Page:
The Politics of Anti-Intellectualism
- Darrell Delamaide
- March 16, 2017
A little learning can be a dangerous thing.
It will come as no shock to you that politics is a fairly anti-intellectual profession. The people who run our government and make our laws spend too much time shaking hands, making small talk, and running around to delve into serious reading or reflection.
President John F. Kennedy, even though he was a Harvard grad and won a Pulitzer Prize for his Profiles in Courage, felt the need to institute an intellectual-in-residence at the White House, appointing Arthur Schlesinger Jr. to that position. (It turned out that speechwriter Ted Sorensen actually wrote most of Profiles.)
As Ben Alpers blogged back in 2009 for the Society for U.S. Intellectual History (who knew!), Schlesinger more or less invited himself after helping Kennedy in his campaign by suggesting it might be useful to have “someone in the White House concerned with long-term projects, definition and presentation of programs and policy, independent program review, and the like.”
Kennedy’s immediate successors tried to keep the post filled but were only partially successful. Lyndon Johnson, Gerald Ford, and Richard Nixon had only limited use for an intellectual-in-residence and their relationship with appointees varied from stormy to indifferent.
Alpers quotes Robert Goldwin, a protégé of Donald Rumsfeld who became Ford’s resident intellectual, as to why he even preferred to avoid the term: “There is something fishy about the word ‘intellectual.’ I think of ‘intellectuals’ as people who have a real distaste, sometimes even contempt, for the common sense approach, which is fundamentally the political approach.”
Jimmy Carter never filled the position, nor did his successors through Barack Obama. Alpers, an intellectual historian at the University of Oklahoma, concludes that the short-lived post wasn’t really about respect for intellectuals.
“The phenomenon of the White House intellectual-in-residence may have, instead, been a kind of apotheosis of the celebration of expertise in post-war American political culture,” Alpers wrote in his blog. “White House intellectuals could burnish the court of the imperial presidency. But as both that vision of the presidency and the status of intellectuals — and social scientific experts in general — began to wane, the logic of this never-entirely-logical post faded as well.”
Which brings us to Donald Trump and his in-house intellectual guru, Steve Bannon. Bannon is not officially an intellectual-in-residence — he has a raft of other titles, starting with senior counselor to the president — but he is definitely in residence and certainly has at least intellectual pretensions.
Which may not be such a good thing.
Christopher Caldwell cautioned in a New York Times op-ed last month that Bannon — a former naval officer, investment banker, Hollywood producer, documentary filmmaker, publisher, and voracious reader — is less of an ideologue than an anti-elitist profoundly distrustful of established authority.
“Most ominously,” wrote Caldwell, an editor at the Weekly Standard who is working on a book about the rise and fall of the post-1960s political order, “he is an intellectual in politics excited by grand theories — a combination that has produced unpredictable results before.”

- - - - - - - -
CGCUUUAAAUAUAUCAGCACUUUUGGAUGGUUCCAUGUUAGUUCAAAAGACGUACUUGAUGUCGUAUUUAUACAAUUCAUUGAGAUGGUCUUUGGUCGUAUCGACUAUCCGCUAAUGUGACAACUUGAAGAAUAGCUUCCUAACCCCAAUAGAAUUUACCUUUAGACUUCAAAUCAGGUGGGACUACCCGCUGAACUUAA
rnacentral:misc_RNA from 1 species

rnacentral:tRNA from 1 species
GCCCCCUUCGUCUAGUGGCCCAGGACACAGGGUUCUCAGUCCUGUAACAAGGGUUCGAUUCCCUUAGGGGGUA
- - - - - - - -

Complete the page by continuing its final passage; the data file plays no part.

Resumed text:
A cottage industry has sprung up trying to figure out what makes Bannon tick by looking at what he’s read. The book he featured in his 2009 documentary “Generation Zero,” for instance, was a cyclical view of history by Neil Howe and William Strauss, The Fourth Turning: An American Prophecy, first published in 1997.
The book’s thesis is that history repeats itself in an 80-year cycle of four generations, and we have entered the fourth “turning,” a crisis that involves destruction of the established order to make way for a new “high” time of prosperity, followed in turn by an “awakening,” and then an “unraveling,” before another crisis sweeps it all away again.
None of that is very cheery, but it’s virtually Pollyanna compared to another book said to influence Bannon’s thinking. The Camp of the Saints, a 1973 novel by Jean Raspail, depicts a wave of Third World immigration into Europe that leads to the collapse of Western civilization. Raspail has always been controversial, even though he was honored for his work by the Academie Française, and the book was widely condemned as racist when it appeared.
In the meantime, of course, we have had Michel Houellebecq’s Submission, a much gentler fiction about a Muslim president in France, and a National Front leader, Marine Le Pen, neck and neck for the lead in the polls for France’s presidential election this spring.
Bannon also apparently likes the works of Charles Maurras, a reactionary Catholic nationalist in early 20th-century France. He was an organizer of the right-wing Action Française and a proponent of integralism, a precursor to fascism that says the country more important than the individual.
Starting to feel a little queasy about having an intellectual-in-residence at the White House? There will doubtless be more articles about the books that have influenced Bannon’s thinking. Kind of makes the typical glad-handing shallowness of politicians a little more appealing.